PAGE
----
Reviews, be they for books, music, art, or movies, are important to the creator of the work in question. A good review alerts other readers that a particular book is well worth your time and money. A good review will help a singer or a band ease from struggle to success. Even in the restaurant business, a good review is often the difference between a full dining room and bankruptcy.
At the same token, a bad review can sink a Hollywood picture before it has a chance to open to the general public. Bad reviews are a part of the creative world that every participant will eventually experience. It’s just a fact of life. There’s no such thing as the perfect novel. Somebody somewhere will find something about your work they just don’t like. Even the Beatles found detractors when releasing Sgt. Pepper’s Lonely Hearts Club Band, an album many believe to be a masterpiece.
A review should be an honest, critical appraisal of another’s work. This appraisal will guide customers either toward or away from that person’s hard work. In today’s world of self-publishing, many books get published that aren’t necessarily ready for an audience. The story may be fantastic in theory but severely flawed in execution. (Pay the extra money for the editor!) But even in situations like this, honesty can be achieved without being rude. Something along the lines of: “I read the story and enjoyed it for the most part. The concept is quite entertaining. It could really use a thorough editing, to clean up the poor sentence construction, misspellings, and wrong punctuation. The author would do well to read up on Point Of View.” Civility allows others to know that, though the story is entertaining, there are issues within the text.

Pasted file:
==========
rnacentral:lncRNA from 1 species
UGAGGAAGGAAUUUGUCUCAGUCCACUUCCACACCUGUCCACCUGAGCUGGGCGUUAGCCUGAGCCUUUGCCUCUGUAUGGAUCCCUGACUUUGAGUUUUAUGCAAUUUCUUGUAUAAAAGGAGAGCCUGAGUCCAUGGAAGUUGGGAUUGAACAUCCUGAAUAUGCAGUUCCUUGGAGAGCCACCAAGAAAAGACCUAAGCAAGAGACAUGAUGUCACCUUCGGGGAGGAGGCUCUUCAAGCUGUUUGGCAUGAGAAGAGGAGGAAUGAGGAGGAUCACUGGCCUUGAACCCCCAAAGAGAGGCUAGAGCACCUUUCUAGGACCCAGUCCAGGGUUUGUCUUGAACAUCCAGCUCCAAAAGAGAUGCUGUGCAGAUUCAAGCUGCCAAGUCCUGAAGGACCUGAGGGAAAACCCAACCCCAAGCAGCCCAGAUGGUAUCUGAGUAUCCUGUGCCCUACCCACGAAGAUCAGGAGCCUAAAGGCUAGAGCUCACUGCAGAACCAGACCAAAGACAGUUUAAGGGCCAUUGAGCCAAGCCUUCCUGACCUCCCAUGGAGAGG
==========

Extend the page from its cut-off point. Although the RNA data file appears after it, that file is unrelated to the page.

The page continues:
Civility! The Oxford American College Dictionary defines that word as: formal politeness and courtesy in behavior and speech; polite remarks used in formal conversation.
Are we capable of civility in today’s cyber world? There’s this awful thing called a revenge review, where people will post negative reviews of books or music just to draw down a particular work’s rating on, say, Amazon.com. Some people, without conscience, will trash a person’s hard work just for the joy of hurting another.
Recently, I became aware of a reader who actually changed her review of a book after it had been posted for some months. The reason? The reviewer had words with the author over something completely unrelated to the author’s work. This is a childish move, to be sure. But it’s also a dangerous slope to tread for the reviewer. By changing a four-star rating to a one, that reviewer loses credibility with those who read that person’s reviews. To change it after months alerts me that there’s something more going on. Did it suddenly dawn on you that the work deserved a single star rather than the four-star glowing review you originally awarded? Or are you being vindictive and childish because somebody called you out on an issue unrelated to the book in question?
A review should always be honest and from the heart. Once it’s been posted, it should be set in stone—unless the author has made corrections to the work, and the reviewer has re-read the book. To change a review—especially after a period of time—lets others know your word is not to be trusted.
Reviews are important. And even though some authors like to downplay their importance, we know reviews help sell books. It’s a simple fact. So when writing your reviews, be kind—even in your criticisms. If a book needs work, approach your review as a teaching opportunity, sharing whatever wisdom and knowledge you possess. Civility goes a long way—and not just for the author, either.